MATERIALS AND METHODS
All procedures were done as previously described and in accordance with the guidelines for the care and use of animals at Carnegie Mellon University, which approved the study. Briefly, C57Bl/6 mice of either sex between postntal day (P)12 and P18 were deeply anesthetized with isoflurane and then decapitated. Brains were placed in ice-cold Ringer's solution (concentrations in mM = 125 NaCl, 25 glucose, 2.5 KCl, 25 NaHCO3, 1.25 NaH2PO4, 1 MgCl2, and 2.5 CaCl2). Three-hundred-micrometer coronal sections of the bulb (VT1000S; Leica, Nussloch, Germany) were made and incubated in Ringer's at 37°C for 30 min before recording.
Whole cell patch recordings filled with an internal buffer concentration (130 mM potassium gluconate, 10 mM HEPES, 2 mM MgCl2, 2 mM Mg-ATP, 2 mM Na2ATP, 0.3 mM GTP, 4 mM NaCl, and in some cases 10–50 μM Alexa 488/594 Hydrazide or 1% biocytin) were made using a Multiclamp 700A amplifier (Molecular Devices, Palo Alto, CA) and an ITC-18 acquisition board (Instrutech, Port Washington, NY). Mitral cells were identified under IR-DIC optics based on laminar position in the MOB and confirmed with fluorescent intracellular fills. One neuron was recorded per slice, and between one and three neurons were recorded from each animal. Neurons from different slices belonged to different glomeruli. All experiments were done at 35°C in Ringer's solution with excitatory (25 μM APV and 10 μM CNQX) and inhibitory (10 μM bicuculline) synaptic activity blocked.
A hyperpolarizing pulse was injected before stimuli to measure input resistance (IR) and assess recording stability. In all experiments, series resistance was compensated for. As recordings near in vivo temperatures can degrade the slice, the hyperpolarizing pulse was delivered before each trial across the entire recording period to ensure that the cells remained stable and recordings did not degrade over the duration of the experiment. Recording stability was also assessed by comparing the spike patterns recorded at the beginning of experiment (first trial) with those at the end of the experiment (last trial) to the same stimulus. Furthermore, we measured the stability of the recordings throughout our experiments, monitoring the resting membrane potential that varied 2.6 ± 1.7 mV from the beginning of the trial to the end of the trial in the control condition and varied 1.8 ± 1.3 mV over the duration of the 4-AP recordings. Additionally, we tracked both the IR and the membrane time constant over the duration of the recordings. Neurons had an IR of 108 ± 44 MΩ in the control condition and an IR of 90 ± 36 MΩ following the addition of 4-AP, with the change in IR being significant in 72% of the neurons (n = 13/18; P < 0.05, ANOVA). The IRs recorded across the population of mitral cells were consistent with values previously reported (Cang and Isaacson 2003; Abraham et. al. 2010).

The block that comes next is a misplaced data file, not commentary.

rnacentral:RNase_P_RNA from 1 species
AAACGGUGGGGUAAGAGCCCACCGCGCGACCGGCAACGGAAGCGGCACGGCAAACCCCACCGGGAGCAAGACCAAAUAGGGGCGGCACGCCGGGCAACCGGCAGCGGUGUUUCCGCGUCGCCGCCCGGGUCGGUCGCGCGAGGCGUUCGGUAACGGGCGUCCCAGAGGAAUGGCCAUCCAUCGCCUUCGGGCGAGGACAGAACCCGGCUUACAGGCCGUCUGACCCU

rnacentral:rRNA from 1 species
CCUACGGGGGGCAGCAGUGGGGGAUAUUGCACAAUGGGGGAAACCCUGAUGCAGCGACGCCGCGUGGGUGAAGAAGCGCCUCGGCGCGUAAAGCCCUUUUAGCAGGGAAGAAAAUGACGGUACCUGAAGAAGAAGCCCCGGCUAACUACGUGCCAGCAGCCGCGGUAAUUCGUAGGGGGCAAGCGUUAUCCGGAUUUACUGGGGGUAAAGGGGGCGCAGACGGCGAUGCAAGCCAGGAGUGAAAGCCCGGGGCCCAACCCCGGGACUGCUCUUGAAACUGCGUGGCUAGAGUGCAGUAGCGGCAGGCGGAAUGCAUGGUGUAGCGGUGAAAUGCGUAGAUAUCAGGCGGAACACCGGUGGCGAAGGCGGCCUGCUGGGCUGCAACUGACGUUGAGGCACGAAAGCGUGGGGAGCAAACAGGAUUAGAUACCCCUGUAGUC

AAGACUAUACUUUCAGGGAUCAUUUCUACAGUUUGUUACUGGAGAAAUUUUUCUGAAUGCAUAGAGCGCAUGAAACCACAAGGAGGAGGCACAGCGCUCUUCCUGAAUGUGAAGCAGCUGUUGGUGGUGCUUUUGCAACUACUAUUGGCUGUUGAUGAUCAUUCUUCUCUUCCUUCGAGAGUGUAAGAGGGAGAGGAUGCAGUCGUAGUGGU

To generate frozen noise stimuli, white noise with a mean amplitude of 150–200 pA and a standard deviation of 40 pA was generated for 2.5 s. This stimulus was then convolved with an alpha function of the form t × (exp−t/τ), where τ = 3 ms. The resultant stimulus has previously been shown to be optimal for generating reliable spike trains across various trials (Bryant and Segundo 1976; Mainen and Sejnowski 1997; Gálan et al. 2008). This stimulus was presented to neurons for 2.5 s over multiple trials, with an intertrial interval of 8 s.
Principal component analysis.
The fluctuating noise stimulus described above was delivered to neurons in both the control and the 4-AP condition over multiple trials (control = 42.7 ± 18.8 trials; 4-AP = 33.1 ± 15.9 trials) for 2.5 s The resultant spike trains from all neurons (n = 23 neurons from 23 slices from 10 animals) in all conditions (control and 4-AP) were transformed into binary vectors of 1s (corresponding to the occurrence of a spike) and 0 s (absence of a spike) in 1-ms bins. As all recorded neurons received the same stimulus for both the control and the 4-AP condition, we aligned all the spike train vectors to generate a matrix M of size spike trains (s) × time (T) in size. On this data, we calculated the covariance matrix (C), (T) × (T) in size. We then performed eigenvalue decomposition on the covariance matrix C to acquire the eigenvalues and eigenvectors of the original data. We projected each spike train [a vector of length (T)] onto the first and second principal component (PC) by taking the dot product of the spike train and the eigenvector. From this, each spike train was represented as a point, and the spike trains from different neurons were represented with the same color. Because the eigenvectors for both the control and the 4-AP conditions were determined from a covariance matrix containing each spike train from all the trials from all cells in both conditions, the basis vectors corresponding to the first two PCs are the same for the two conditions. All analysis was performed using MATLAB.